MakerBot has become one of the top 3D printing services in the United States by providing some excellent 3D printers for the consumer market. They may end up being the Apple of the 3D printing world in time since they're one of the few names that people know in households that follow 3D printing technology. But they have yet to conquer the world in getting their 3D printers to markets outside the U.S. This is about to change with their expansion into European markets this year.
Now it's all a matter of how far MakerBot will help advance European interests in 3D printing and how far it's going to spread around the world. This is more significant than most of us think right now because 3D printing is truly at a crossroads on who's going to use it to the fullest advantage.
Will America or International Markets Conquer 3D Printing?
You might think that America is going to be the one who will take 3D printing into the stratosphere. While we're going to benefit greatly, there hasn't been a strong drive yet to make it a top priority as a major industrial solution. We may get there in another decade, but only the big companies like NASA and the military are taking it on at a faster pace. In many regards, that's better off since we need to keep our forays into space and the military as strong as possible for the sake of stability.
What would happen if Europe became a stronger force in 3D printing than America thanks to MakerBot progressing things there? Since most of Europe link with us as allies, the faster they can progress in using 3D printing for military equipments and in space travel, the better. Joining with them, a potential world war could be deflected by using 3D printing to create better military technology.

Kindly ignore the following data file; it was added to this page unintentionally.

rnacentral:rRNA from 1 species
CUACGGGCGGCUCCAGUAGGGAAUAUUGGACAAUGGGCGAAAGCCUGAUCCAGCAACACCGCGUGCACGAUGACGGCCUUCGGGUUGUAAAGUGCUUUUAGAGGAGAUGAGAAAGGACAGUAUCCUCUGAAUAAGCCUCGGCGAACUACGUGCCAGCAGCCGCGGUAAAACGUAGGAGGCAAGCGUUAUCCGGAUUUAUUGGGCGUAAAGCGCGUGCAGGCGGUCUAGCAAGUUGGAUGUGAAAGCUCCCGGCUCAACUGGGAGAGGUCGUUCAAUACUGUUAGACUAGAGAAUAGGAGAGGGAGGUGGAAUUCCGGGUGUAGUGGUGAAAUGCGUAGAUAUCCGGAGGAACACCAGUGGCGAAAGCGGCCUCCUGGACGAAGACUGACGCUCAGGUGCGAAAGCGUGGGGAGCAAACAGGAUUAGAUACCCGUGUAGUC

The real worry comes in rogue nations managing to obtain 3D printing and using it to build weapons. Could 3D printing technology eventually go from Europe into despotic nations where the U.S. has tense relations?
Will 3D Printing Become a New Technology Race?
In another few years, there may be a true technology race in seeing who develops the fastest with 3D technology. By that time, every nation may have access to 3D technology and use it to build things to defend themselves as well as help their economy. If one rogue nation happened to work overtime and build some kind of superweapon or superior military technology, it could become a very complicated situation.
Then again, with the U.S. likely fully advanced with 3D printing tech by then, it could place the entire world on an even playing field when it comes to conflicts. That could lead to better outcomes in averting war, especially when 3D printing still has secret projects going on. Not knowing what the other nation has could become the ultimate chess match.
Overall, though, MakerBot entering European markets means the whole world can experience the profound economic impact 3D printing will bring to everyone. We have to look at 3D printing technology as a peace offering to the world where the wow factor of the technology will trump any use for nefarious purposes.